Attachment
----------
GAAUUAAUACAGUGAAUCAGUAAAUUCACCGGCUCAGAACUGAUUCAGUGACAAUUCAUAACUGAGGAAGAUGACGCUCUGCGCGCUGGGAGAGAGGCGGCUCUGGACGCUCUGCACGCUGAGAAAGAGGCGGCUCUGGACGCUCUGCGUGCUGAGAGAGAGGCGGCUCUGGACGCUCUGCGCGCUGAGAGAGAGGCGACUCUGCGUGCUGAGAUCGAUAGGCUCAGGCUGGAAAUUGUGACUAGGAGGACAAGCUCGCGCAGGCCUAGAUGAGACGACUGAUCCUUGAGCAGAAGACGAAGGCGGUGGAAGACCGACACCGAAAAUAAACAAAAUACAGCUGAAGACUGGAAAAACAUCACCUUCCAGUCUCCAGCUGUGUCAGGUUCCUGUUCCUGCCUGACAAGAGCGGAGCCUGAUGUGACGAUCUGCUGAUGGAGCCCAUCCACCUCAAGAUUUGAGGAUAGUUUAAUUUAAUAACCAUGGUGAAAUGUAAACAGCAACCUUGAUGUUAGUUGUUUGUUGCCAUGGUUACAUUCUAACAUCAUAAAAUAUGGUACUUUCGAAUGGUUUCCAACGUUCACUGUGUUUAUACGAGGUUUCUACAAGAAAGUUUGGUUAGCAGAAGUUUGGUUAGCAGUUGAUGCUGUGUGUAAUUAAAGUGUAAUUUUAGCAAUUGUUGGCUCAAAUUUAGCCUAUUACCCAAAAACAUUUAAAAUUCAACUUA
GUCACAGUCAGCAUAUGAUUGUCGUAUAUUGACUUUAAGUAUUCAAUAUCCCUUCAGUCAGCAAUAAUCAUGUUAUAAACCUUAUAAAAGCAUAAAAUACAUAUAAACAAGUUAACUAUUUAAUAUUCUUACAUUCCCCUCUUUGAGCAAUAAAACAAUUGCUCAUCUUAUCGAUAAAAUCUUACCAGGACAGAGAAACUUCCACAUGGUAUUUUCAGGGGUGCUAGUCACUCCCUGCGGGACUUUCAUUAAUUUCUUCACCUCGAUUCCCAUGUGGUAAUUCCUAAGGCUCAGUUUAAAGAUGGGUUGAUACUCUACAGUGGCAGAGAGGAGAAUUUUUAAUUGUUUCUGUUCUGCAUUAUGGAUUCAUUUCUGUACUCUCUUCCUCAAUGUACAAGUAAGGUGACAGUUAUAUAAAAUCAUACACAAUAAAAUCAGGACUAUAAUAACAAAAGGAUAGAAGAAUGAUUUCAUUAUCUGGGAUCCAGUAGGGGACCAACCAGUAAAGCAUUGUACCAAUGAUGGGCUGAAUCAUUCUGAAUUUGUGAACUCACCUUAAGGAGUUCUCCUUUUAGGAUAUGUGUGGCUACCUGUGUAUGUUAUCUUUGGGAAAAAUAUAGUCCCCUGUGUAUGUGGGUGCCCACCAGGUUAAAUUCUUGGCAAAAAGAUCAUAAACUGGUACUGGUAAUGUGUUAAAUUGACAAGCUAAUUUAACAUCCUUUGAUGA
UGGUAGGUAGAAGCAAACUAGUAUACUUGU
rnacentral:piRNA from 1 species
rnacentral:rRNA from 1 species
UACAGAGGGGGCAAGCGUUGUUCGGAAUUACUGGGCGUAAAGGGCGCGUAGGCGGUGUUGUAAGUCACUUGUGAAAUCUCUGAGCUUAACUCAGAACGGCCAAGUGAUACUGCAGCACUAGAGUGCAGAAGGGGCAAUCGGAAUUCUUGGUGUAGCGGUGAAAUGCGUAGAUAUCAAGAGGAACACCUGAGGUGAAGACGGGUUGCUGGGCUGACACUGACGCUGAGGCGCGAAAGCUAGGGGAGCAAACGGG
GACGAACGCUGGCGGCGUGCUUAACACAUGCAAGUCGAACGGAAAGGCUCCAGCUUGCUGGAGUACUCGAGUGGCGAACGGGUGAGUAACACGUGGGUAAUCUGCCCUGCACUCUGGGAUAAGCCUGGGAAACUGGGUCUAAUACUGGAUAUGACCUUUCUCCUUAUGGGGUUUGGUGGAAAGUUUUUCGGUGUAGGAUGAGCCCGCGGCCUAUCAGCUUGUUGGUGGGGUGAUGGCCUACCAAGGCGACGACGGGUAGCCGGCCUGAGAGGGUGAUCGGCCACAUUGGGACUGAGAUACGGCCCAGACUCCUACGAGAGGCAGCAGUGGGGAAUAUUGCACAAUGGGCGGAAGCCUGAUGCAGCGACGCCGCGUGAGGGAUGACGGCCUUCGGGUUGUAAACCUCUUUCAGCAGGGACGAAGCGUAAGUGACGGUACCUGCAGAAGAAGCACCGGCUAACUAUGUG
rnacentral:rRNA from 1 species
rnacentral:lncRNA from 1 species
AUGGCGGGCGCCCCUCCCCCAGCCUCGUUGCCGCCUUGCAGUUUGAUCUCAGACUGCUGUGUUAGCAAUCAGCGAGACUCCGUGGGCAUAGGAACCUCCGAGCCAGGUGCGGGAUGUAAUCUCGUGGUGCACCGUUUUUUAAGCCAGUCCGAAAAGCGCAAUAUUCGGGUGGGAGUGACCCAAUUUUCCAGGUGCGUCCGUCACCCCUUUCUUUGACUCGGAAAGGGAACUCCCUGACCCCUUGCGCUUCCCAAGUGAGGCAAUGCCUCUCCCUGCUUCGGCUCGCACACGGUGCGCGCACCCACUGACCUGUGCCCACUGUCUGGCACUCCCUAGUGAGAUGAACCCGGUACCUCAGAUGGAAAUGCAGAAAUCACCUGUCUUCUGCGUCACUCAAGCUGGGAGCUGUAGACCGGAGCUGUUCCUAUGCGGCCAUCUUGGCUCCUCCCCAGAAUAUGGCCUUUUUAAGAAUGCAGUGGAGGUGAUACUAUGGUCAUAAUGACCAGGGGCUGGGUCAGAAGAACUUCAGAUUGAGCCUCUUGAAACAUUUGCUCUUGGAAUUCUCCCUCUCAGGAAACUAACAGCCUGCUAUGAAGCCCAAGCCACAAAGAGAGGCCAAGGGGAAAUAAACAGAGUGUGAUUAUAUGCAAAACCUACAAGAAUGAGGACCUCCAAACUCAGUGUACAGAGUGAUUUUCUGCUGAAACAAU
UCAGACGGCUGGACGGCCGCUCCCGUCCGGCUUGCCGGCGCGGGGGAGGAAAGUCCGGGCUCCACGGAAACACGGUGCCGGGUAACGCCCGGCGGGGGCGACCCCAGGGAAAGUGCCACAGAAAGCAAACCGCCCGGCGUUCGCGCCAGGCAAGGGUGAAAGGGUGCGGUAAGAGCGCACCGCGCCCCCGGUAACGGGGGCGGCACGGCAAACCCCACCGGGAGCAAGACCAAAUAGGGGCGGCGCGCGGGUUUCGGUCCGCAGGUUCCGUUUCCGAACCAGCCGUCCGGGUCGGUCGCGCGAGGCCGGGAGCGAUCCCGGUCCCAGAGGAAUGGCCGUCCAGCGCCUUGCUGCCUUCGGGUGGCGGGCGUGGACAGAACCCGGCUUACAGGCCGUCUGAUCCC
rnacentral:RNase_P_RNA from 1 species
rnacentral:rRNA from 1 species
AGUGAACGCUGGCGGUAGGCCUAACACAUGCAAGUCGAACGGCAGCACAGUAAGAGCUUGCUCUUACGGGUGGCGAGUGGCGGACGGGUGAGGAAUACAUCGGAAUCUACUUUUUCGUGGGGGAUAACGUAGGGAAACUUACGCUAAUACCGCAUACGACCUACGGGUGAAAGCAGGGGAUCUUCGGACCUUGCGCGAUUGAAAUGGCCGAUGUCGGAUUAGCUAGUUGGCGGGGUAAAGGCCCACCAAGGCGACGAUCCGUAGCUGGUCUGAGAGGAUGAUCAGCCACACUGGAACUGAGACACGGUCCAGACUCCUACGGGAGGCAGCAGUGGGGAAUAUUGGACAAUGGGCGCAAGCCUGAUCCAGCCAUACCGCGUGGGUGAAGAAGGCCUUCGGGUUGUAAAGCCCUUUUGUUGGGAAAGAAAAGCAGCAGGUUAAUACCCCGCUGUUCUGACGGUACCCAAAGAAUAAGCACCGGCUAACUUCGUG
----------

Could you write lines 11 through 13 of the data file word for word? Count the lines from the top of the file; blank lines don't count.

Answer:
UCAGACGGCUGGACGGCCGCUCCCGUCCGGCUUGCCGGCGCGGGGGAGGAAAGUCCGGGCUCCACGGAAACACGGUGCCGGGUAACGCCCGGCGGGGGCGACCCCAGGGAAAGUGCCACAGAAAGCAAACCGCCCGGCGUUCGCGCCAGGCAAGGGUGAAAGGGUGCGGUAAGAGCGCACCGCGCCCCCGGUAACGGGGGCGGCACGGCAAACCCCACCGGGAGCAAGACCAAAUAGGGGCGGCGCGCGGGUUUCGGUCCGCAGGUUCCGUUUCCGAACCAGCCGUCCGGGUCGGUCGCGCGAGGCCGGGAGCGAUCCCGGUCCCAGAGGAAUGGCCGUCCAGCGCCUUGCUGCCUUCGGGUGGCGGGCGUGGACAGAACCCGGCUUACAGGCCGUCUGAUCCC
rnacentral:RNase_P_RNA from 1 species
rnacentral:rRNA from 1 species